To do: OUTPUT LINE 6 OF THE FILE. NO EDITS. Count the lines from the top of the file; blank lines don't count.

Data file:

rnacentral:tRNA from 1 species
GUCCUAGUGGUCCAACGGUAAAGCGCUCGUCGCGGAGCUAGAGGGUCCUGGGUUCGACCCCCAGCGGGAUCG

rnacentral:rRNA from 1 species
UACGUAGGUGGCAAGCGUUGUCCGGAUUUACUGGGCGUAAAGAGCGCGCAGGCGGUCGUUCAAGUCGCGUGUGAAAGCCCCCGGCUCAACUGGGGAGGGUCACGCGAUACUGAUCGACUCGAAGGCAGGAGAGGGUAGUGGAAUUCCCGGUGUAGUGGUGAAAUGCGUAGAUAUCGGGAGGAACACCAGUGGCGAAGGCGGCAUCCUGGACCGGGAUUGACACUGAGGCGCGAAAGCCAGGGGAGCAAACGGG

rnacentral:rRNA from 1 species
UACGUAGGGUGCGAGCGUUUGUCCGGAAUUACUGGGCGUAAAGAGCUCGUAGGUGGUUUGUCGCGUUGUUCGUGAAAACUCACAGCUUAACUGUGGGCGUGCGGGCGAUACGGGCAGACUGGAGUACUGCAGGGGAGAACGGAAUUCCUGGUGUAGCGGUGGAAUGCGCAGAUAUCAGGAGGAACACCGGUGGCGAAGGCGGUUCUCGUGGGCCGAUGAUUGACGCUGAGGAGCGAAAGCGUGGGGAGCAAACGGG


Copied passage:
UACGUAGGGUGCGAGCGUUUGUCCGGAAUUACUGGGCGUAAAGAGCUCGUAGGUGGUUUGUCGCGUUGUUCGUGAAAACUCACAGCUUAACUGUGGGCGUGCGGGCGAUACGGGCAGACUGGAGUACUGCAGGGGAGAACGGAAUUCCUGGUGUAGCGGUGGAAUGCGCAGAUAUCAGGAGGAACACCGGUGGCGAAGGCGGUUCUCGUGGGCCGAUGAUUGACGCUGAGGAGCGAAAGCGUGGGGAGCAAACGGG